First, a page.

Why Chris Woodward didn't make the Red Sox' postseason roster

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Last fall, when postseason rosters were being finalized, the only real discussion in Boston was about a utility guy, with Nick Green, Jed Lowrie and Chris Woodward all in the mix.  Green was hurt, and Terry Francona said that they needed to limit Lowrie as well.  So you figured Chris Woodward — who was away from the team because of the birth of his son — would be the guy, what with guys usually only missing a day or too for paternity leave. 

But Woodward didn’t make the cut and Lowrie did.  The hardcore fans probably knew what was going on, but those of us who don’t spend all day thinking about the Sox didn’t give it a second thought.  Today, however, the story of Chris Woodward and the postseason roster is one of the more interesting things going:

“It went so smoothly, everything was perfect,” Woodward said. “My
mother-in-law was at our house with our other two kids, Sophie and
Mason. I was going to be able to spend a day or two with them all and
go back for the playoffs.”

It stopped going smoothly the next
morning, went Erin’s mother called from the Woodward home. Two-year-old
Mason had a fever, running a temperature of 104 degrees.

“I drove
home and took him to the pediatrician, who took tests and said it was
swine flu,” Woodward said. “They told me he couldn’t be near my wife or
the baby for two weeks. They told me we had to be careful with Mason,
and we all started taking Tamiflu that day.

And it only got worse after that as everyone in the family ended up getting the flu.

Not to diminish his talent too much, but the fact is that Woodward is a guy who could be in or out of the big leagues depending on some fifth level functionary’s mood on any given morning. I know we’d all say that we’d choose family over baseball if we were in his shoes, but the fact that he had the Red Sox calling him, asking whether he could make the postseason roster and was able to tell them “no, no, no, I have to stay home with my family,” despite the risk such a move posed to his baseball career says something pretty good about Woodward.

Bud Norris exits outing with right knee soreness

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Angels’ right-handed reliever Bud Norris made his 23rd appearance of the season on Friday, and after just three pitches, he was done for the night. He worked a 2-1 count to Marlins’ Dee Gordon in the eighth inning, then promptly exited the field after experiencing some tightness in his right knee. Neither Norris nor manager Mike Scioscia believe the injury is cause for major concern, and the 32-year-old right-hander admitted that it may have had something to do with his lack of stretching before he took the mound. For now, he’s day-to-day with right knee soreness, with the hope that the issue doesn’t escalate over the next few days.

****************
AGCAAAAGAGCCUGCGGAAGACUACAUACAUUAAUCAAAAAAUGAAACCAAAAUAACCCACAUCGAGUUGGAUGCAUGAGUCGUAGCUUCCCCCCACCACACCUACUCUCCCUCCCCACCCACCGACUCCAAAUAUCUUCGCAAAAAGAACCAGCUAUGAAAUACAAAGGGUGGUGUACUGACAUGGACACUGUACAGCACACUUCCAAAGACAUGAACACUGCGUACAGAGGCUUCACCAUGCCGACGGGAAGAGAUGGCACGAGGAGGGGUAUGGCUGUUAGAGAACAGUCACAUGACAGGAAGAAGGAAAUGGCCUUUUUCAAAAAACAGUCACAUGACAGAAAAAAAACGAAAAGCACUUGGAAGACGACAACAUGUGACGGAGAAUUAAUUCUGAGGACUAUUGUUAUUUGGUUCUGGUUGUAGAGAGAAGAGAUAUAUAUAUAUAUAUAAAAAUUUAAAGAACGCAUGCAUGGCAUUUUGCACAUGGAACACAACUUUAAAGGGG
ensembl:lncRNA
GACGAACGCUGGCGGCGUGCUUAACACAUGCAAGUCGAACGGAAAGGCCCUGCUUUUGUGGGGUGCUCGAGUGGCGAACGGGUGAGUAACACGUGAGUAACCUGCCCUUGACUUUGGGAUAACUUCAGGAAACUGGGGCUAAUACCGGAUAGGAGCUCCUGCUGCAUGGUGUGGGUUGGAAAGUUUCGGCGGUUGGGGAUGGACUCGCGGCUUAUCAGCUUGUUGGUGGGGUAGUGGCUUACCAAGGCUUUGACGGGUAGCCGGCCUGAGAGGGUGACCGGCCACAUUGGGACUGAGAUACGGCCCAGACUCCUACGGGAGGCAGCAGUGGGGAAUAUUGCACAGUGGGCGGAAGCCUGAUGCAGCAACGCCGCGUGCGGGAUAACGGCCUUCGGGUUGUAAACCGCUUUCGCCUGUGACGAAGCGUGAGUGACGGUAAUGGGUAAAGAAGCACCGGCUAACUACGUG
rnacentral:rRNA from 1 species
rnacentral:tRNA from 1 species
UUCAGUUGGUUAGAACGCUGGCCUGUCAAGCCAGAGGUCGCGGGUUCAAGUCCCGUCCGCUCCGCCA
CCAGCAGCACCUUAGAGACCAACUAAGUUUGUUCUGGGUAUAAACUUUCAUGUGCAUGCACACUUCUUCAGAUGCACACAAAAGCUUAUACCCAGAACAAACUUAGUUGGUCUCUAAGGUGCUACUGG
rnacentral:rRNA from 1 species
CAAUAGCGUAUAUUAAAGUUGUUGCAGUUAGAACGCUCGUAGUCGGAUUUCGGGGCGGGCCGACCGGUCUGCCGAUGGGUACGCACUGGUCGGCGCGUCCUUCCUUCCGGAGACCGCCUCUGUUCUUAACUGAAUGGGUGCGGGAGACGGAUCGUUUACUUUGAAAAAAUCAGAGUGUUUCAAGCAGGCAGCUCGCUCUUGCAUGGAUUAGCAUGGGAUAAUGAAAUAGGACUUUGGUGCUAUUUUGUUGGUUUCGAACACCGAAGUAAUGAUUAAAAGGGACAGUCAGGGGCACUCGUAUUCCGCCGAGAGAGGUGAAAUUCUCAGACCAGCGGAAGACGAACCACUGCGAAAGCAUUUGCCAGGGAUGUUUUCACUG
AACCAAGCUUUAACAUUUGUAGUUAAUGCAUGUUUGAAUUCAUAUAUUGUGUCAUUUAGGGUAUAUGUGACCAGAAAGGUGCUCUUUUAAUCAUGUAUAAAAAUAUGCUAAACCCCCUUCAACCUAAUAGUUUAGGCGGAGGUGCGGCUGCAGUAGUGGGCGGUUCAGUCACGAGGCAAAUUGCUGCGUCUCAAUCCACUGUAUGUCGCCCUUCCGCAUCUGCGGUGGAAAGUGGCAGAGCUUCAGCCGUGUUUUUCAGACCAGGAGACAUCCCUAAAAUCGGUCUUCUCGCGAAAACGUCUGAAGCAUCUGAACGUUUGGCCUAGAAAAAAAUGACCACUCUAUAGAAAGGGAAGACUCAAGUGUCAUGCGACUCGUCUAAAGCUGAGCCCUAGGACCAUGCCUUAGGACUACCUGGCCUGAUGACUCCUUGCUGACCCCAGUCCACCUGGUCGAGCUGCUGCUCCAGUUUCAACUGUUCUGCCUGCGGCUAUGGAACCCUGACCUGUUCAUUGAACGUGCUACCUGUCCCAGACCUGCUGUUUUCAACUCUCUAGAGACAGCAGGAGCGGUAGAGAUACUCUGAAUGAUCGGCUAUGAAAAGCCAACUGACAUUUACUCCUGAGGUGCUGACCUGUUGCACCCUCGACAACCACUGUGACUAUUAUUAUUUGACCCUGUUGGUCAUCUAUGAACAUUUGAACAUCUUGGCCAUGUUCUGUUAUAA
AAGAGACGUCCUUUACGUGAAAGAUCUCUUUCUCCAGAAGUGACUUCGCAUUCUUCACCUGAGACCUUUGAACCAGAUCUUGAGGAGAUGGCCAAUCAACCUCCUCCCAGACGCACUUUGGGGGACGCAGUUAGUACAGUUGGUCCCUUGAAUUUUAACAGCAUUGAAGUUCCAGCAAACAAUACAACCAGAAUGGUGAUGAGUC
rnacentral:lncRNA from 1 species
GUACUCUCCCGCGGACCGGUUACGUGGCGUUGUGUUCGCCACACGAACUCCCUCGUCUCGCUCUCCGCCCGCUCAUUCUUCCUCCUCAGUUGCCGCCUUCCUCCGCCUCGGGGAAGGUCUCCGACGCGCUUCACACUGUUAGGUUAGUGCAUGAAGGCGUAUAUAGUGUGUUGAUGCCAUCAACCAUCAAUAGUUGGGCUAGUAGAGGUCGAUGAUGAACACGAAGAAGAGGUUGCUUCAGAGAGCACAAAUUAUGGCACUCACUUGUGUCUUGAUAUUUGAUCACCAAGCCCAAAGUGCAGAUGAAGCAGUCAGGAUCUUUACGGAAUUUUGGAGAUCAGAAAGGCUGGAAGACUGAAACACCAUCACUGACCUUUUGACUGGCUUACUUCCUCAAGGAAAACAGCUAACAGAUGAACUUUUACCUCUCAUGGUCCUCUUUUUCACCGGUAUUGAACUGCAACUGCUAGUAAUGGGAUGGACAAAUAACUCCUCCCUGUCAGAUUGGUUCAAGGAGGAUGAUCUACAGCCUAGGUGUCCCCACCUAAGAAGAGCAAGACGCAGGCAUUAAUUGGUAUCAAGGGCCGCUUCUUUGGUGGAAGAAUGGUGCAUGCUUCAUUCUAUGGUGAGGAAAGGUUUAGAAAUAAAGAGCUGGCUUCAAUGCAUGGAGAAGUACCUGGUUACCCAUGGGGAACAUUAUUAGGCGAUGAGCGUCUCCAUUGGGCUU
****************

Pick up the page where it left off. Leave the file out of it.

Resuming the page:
While the Angels are lucky to have avoided serious injury, they’ll need Norris to pitch at 100% if they want to stay competitive within the AL West. They currently sit a full nine games behind the league-leading Astros, and haven’t been helping their cause after taking five losses in their last eight games. Friday’s 8-5 finale marked their third consecutive loss of the week.

 

When healthy, Norris has been one of the better arms in the Angels’ bullpen. Through 23 2/3 innings, he’s pitched to a 2.66 ERA, 3.4 BB/9 and an outstanding 11.8 SO/9 in 23 outings. The righty hasn’t allowed a single run in four straight appearances, recording three saves and helping the club clinch four wins in that span. This is his second setback of the year after sustaining a partial fingernail tear on his pitching hand during spring training.

Video: Max Scherzer sets record with 13-strikeout outing

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Max Scherzer is a force to be reckoned with. The Nationals’ right-hander delivered a season-high 13 strikeouts against the Padres on Friday, locking down his fifth win and his fourth double-digit strikeout performance of the year.

More remarkably, it was also the 53rd double-digit strikeout performance of Scherzer’s career, tying Clayton Kershaw for the most 10+ strikeout appearances by an active major league pitcher. Chris Sale is a distant third, with 43 to his name, though he’s been making considerable strides to catch up so far this spring.

Scherzer took the Padres to task on Friday night, whiffing 13 of 31 batters during his 108-pitch outing. He started strong, catching Allen Cordoba swinging on a 1-2 count to start the game and keeping the game scoreless until Ryan Schimpf unleashed a home run in the fourth inning. That was the first and final run the Padres managed off of Scherzer, who retired 14 consecutive batters following the blast and came one out shy of a complete game in the ninth inning. (Fittingly, Koda Glover polished off the win with a final strikeout, bringing the total to 14 on the night.)

It’ll take more than one stellar start to advance Scherzer and Kershaw on the all-time list, however. Their 53-game record ranks 13th, about 159 games behind second-place Hall of Fame hurler Randy Johnson and a full 162 games shy of the inimitable Nolan Ryan.